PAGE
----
nameif inside

 security-level 100

 ip address 10.165.200.231 255.255.255.0

!

!

hostname NewYork

!

!The following access control list entries restrict internal users to only be able to

!send HTTP, HTTPS, and DNS traffic to the Internet

access-list insideACL extended permit tcp 10.165.200.0 255.255.255.0 any eq www

access-list insideACL extended permit tcp 10.165.200.0 255.255.255.0 any eq https

access-list insideACL extended permit udp 10.165.200.0 255.255.255.0 any eq domain

!

!The following access control list entries restrict internal users to only be able to

!send TCP port 8912 and 8913 traffic to the 10.20.1.60 server in Washington, which hosts

!the previously mentioned third-party application.

access-list insideACL extended permit tcp 10.165.200.0 255.255.255.0 host 10.20.1.60

 eq 8912

access-list insideACL extended permit tcp 10.165.200.0 255.255.255.0 host 10.20.1.60

 eq 8913

!

!The following access control list entries restrict internal users to only be able to

!send SMTP, POP3, and IMAP4 traffic to the 10.20.4.50 mail server in Washington.

access-list insideACL extended permit tcp 10.165.200.0 255.255.255.0 host 10.20.4.50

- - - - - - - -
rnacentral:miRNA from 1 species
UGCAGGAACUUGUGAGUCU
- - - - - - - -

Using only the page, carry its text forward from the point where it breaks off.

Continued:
eq smtp

access-list insideACL extended permit tcp 10.165.200.0 255.255.255.0 host 10.20.4.50

 eq pop3

access-list insideACL extended permit tcp 10.165.200.0 255.255.255.0 host 10.20.4.50

 eq imap4

!

!The following access control list entry allows the 10.10.220.0/24 management

 segment in

!Washington to be able to launch a remote control session to the internal user

 workstations

!in NY.

access-list outsideACL extended permit tcp 10.10.220.0 255.255.255.0 10.165.200.0

 255.255.255.0 eq 7788

!

!The following access control list entries are used to define what traffic should be

!encrypted over the IPSec site-to-site tunnel to Washington.

access-list encryptACL extended permit ip 10.165.200.0 255.255.255.0 10.20.4.0

 255.255.255.0

access-list encryptACL extended permit ip 10.165.200.0 255.255.255.0 10.20.1.0

 255.255.255.0

access-list encryptACL extended permit ip 10.165.200.0 255.255.255.0 10.10.220.0

 255.255.255.0

!

!The following access control list entries allows the ASA to bypass NAT for the IPSec

!tunnel traffic.

access-list nonat extended permit ip 10.165.200.0 255.255.255.0 10.20.4.0

 255.255.255.0

access-list nonat extended permit ip 10.165.200.0 255.255.255.0 10.20.1.0

 255.255.255.0

access-list nonat extended permit ip 10.165.200.0 255.255.255.0 10.10.220.0

 255.255.255.0

!

!The following NAT configuration allows all the internal devices within the

!10.165.200.0/24 network to be port address translated to the outside interface